The gossip site TMZ got its hands on a photo of Sarah Palin wearing a McCain hat with the logo blacked out. But NBC's Andrea Mitchell reports that someone close to Sarah Palin says she loves John McCain and had no idea that an attempt to preserve her -- and her kids' -- privacy while on vacation in Hawaii would lead to an incorrect conclusion by TMZ. Palin told her friend that she blacked out McCain's name with a magic marker on a leftover campaign sun visor in the hopes that the paparazzi would not recognize her -- so she could be left alone. TMZ interpreted the "blackout" as meaning Palin had had a falling out with McCain. That was an incorrect interpretation, the friend says. Says Palin, according to her pal, "I love John McCain. So much for incognito."" \o "

But seriously, wouldn't you just buy/wear another hat?

Minnesota Gov. Tim Pawlenty paid a visit to major primary state New Hampshire yesterday, telling the New Hampshire Union Leader there that "he will not endorse or have his PAC contribute to the campaigns of any candidates for the U.S. Senate or House who are competing in "open, transparent" primary campaigns," the Union-Leader reports (h/t The Hill).
2010: Does the GOP have a shot in MA?
The Hill lists vulnerable lawmakers on both sides of the aisle whose electoral fates may in part already be decided by their support for the highly unpopular $700 billion bank bailout plan: Sens. Bob Bennett (R-UT), Harry Reid (D-NV), Chris Dodd (D-CT) and Blanche Lincoln (D-AK) are among those incumbents that The Hill predicts "should expect a heavy dose of bailout-based criticism." And "the issue is more likely to affect Republican incumbents seeking other jobs, including governor and the Senate," like Republican Sen. Kay Bailey Hutchison (TX) and Reps. Roy Blunt (MO), Mark Kirk (IL) and Mike Castle (D).

CONNECTICUT: Republican Linda McMahon's campaign is touting Obama's message that will run soon as evidence that "WWE is broadly recognized as a company that for years has made tremendous contributions to the community, to the state of Connecticut and to men and women in uniform," the Hartford Courant writes. McMahon's husband Vince is the founder and she was CEO. But the "White House is saying not so fast. Obama did not tape a greeting to be aired exclusively on the wrestling program, a White House spokeswoman said Wednesday night. Instead, the president taped a general greeting that was made available to multiple outlets who wanted to air it."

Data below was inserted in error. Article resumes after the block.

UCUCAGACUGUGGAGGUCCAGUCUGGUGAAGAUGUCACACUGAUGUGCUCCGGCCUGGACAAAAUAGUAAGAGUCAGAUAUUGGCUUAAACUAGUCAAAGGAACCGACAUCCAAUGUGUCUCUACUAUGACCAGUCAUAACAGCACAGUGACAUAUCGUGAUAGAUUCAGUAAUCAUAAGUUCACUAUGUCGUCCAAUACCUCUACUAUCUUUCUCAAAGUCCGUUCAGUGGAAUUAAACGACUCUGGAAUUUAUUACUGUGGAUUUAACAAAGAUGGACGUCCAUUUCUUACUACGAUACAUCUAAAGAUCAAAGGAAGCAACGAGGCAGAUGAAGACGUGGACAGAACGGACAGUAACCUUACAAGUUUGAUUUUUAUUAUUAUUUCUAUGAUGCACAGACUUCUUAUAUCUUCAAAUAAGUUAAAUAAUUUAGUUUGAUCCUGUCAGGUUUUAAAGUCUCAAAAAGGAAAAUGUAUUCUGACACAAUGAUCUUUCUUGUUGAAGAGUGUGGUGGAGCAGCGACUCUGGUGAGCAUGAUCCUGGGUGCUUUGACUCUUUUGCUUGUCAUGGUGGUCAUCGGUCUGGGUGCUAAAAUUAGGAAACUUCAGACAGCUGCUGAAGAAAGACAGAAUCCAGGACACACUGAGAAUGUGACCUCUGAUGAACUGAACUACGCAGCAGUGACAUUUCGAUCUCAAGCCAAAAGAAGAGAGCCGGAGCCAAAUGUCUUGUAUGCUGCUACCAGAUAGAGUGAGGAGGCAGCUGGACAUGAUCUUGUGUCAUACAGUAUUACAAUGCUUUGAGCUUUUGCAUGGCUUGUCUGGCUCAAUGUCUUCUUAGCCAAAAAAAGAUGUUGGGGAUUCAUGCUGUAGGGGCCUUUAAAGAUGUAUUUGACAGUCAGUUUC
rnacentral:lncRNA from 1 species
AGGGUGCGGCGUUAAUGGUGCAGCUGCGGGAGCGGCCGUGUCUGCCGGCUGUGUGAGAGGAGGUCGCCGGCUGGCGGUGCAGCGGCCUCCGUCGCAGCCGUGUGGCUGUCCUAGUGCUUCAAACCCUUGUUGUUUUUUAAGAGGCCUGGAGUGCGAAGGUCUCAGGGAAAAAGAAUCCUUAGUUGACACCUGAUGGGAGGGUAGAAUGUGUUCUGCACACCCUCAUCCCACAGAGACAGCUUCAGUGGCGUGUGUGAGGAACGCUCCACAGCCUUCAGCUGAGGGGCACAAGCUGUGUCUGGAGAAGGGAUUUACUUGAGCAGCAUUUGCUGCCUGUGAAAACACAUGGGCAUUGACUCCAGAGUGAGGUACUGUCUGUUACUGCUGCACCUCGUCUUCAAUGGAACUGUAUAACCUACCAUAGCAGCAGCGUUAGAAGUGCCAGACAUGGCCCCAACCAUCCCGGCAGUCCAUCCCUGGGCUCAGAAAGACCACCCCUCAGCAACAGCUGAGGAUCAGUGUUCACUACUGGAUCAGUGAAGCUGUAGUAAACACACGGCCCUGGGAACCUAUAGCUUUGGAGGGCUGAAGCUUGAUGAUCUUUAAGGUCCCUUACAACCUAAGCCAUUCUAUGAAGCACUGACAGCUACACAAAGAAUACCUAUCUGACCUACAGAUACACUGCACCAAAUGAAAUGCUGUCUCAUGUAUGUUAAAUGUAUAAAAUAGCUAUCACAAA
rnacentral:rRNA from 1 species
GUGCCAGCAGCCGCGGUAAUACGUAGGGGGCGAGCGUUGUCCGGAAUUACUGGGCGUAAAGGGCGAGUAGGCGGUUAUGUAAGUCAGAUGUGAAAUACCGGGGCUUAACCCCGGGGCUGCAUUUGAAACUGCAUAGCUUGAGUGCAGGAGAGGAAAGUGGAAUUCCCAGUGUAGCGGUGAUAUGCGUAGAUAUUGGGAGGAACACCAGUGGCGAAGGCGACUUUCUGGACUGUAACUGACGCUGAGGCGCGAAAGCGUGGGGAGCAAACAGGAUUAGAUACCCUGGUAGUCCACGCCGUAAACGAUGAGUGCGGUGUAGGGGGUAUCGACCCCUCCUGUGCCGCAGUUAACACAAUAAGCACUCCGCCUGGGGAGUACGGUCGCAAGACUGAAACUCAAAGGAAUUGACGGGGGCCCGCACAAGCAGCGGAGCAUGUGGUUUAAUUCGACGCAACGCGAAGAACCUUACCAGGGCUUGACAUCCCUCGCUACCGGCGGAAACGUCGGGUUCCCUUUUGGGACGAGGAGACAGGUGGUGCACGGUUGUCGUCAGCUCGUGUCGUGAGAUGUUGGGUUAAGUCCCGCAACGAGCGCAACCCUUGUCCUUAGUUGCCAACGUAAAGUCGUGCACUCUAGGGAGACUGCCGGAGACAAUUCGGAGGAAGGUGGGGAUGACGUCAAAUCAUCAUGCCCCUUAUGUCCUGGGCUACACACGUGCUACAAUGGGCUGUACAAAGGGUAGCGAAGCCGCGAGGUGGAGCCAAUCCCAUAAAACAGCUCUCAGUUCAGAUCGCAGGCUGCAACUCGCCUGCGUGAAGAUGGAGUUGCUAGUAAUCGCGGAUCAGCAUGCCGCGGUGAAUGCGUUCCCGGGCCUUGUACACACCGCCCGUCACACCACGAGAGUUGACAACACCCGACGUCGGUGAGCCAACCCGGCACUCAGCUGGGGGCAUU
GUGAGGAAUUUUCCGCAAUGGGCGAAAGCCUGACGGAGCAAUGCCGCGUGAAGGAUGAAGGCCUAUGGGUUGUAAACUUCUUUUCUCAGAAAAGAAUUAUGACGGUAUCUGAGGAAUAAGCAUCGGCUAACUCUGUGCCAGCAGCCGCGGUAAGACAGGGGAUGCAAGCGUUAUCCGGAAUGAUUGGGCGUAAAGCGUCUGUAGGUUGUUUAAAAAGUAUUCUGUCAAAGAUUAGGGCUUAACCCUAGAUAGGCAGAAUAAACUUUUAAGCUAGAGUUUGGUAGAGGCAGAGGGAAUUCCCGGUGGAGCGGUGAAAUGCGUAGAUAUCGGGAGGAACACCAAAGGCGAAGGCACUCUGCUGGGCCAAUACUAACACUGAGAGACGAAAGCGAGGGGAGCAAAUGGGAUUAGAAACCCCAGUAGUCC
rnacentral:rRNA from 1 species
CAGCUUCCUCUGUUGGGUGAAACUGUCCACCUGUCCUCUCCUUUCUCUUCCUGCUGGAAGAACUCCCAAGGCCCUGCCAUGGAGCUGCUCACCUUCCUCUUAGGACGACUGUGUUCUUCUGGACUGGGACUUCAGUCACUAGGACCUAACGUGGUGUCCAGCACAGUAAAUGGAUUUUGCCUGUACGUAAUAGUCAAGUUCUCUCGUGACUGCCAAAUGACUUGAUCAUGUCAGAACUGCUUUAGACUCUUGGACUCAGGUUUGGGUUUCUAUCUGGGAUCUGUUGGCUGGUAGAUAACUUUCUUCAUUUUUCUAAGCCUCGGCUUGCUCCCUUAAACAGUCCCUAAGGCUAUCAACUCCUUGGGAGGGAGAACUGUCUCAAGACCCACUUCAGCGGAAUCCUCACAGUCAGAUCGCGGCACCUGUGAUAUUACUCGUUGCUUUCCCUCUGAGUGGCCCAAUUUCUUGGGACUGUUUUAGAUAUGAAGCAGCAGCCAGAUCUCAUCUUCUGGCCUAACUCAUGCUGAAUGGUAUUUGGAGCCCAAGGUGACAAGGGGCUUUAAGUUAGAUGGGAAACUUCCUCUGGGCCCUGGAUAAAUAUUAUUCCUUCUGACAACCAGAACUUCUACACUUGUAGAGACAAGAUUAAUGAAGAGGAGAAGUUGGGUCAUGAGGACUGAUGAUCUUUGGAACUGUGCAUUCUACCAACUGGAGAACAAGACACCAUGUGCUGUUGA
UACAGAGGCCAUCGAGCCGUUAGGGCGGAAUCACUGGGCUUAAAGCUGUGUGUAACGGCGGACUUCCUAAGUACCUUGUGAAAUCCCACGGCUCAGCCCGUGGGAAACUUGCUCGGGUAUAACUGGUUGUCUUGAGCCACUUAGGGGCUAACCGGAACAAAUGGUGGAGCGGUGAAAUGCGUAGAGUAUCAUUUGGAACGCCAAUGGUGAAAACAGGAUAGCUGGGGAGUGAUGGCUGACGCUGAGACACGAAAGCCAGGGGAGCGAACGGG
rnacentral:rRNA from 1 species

ILLINOIS: In a debate among the four Democratic candidates for President Barack Obama's old Senate seat, "Cheryle Jackson and Jacob Meister spent much of the 70 minute debate looking on as [Alexi] Giannoulias, the state's first-term treasurer, and [David] Hoffman, Chicago's former inspector general, sniped over their records and how they would stand up to special interests if they were elected." Giannoulias labeled Hoffman a hypocrite for funding his campaign through personal investments in institutions that received help from the federal bailout, while Hoffman retaliated by saying that Giannoulias' experience mostly involves helping run a now-unsuccessful family bank.

MASSACHUSETTS: "On paper, the special U.S. Senate election next month should be another walkover for the Democrats," the Boston Globe writes. "Yet the race for the seat of the late Edward M. Kennedy will play out not on paper, but in a noxious political environment, providing a rare glint of hope for the state's undermanned Republicans."" \o "

NEW HAMPSHIRE: U.S. Senate candidate Kelly Ayotte (R) was feted in Washington last night at a fundraiser sponsored by AT&T's political action committee and a lobbyist from CTIA, a wireless telecommunications industry lobbying firm, the New Hampshire Union Leader reports.

NEVADA: Danny Tarkanian, one of the Republican challengers to Harry Reid for the Majority Leader's seat, has raised more money in Fresno -- the city where his father coached the college basketball team -- than any other city besides his hometown of Las Vegas, the Miami Herald reports.